There are also species of shrubs and herbs that are characteristic of old hedges or woodland, such as Spindle () along with a wide range of herbaceous species growing in and around the base.
This mix of species provides a source of nectar and pollen from early spring until well into winter, supporting a wide and varied range of insects.
The tree species used for the hedging may also relate to the history of the garden.
More detail on the regulations and their use is given in ‘Over the Garden Hedge’.
A single species hedge is likely to be less than 100 years old whilst a 1,000 year old hedge is likely to contain ten to twelve species. Hedges may have been planted with a mixture of species and there is geographical variation.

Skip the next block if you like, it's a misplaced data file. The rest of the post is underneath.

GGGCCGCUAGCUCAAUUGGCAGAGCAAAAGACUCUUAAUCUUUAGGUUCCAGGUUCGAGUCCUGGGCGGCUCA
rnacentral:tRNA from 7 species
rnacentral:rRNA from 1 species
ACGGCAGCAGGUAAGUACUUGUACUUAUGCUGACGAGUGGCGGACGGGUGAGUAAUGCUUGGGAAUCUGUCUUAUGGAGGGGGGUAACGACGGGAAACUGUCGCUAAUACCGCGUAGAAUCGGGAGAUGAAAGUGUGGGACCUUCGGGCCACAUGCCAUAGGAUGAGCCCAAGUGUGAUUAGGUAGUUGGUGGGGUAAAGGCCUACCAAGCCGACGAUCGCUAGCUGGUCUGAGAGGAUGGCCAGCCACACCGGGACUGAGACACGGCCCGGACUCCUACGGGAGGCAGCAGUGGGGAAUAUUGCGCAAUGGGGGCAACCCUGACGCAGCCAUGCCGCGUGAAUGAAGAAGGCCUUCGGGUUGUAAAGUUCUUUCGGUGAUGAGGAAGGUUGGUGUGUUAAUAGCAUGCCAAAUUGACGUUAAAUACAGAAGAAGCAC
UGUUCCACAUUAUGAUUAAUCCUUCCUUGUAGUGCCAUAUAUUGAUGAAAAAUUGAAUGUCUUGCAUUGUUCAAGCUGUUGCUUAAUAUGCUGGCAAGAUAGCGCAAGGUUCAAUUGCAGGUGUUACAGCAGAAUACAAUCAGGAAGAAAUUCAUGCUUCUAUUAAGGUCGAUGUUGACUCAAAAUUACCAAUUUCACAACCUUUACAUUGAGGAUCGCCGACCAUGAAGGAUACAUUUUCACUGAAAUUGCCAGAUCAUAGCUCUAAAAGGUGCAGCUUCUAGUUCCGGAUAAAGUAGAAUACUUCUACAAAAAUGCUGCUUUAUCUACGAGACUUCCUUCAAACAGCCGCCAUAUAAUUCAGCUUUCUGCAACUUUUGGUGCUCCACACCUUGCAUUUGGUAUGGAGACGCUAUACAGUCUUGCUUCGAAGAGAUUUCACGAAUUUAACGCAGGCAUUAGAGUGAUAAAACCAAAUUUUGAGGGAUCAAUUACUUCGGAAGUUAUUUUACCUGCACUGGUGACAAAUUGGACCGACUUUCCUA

In upland areas and the north of England hedge species are less diverse.
Very old, over-mature hedges or overgrown hedges can be rejuvenated or restored.
The Royal Horticultural Society provides advice about planting, maintaining and renovating garden hedges.
Statutory regulations were introduced under the Anti-social Behaviour Act 2003 Part 8, to address the problem of neighbourly disputes over the height of boundary hedges.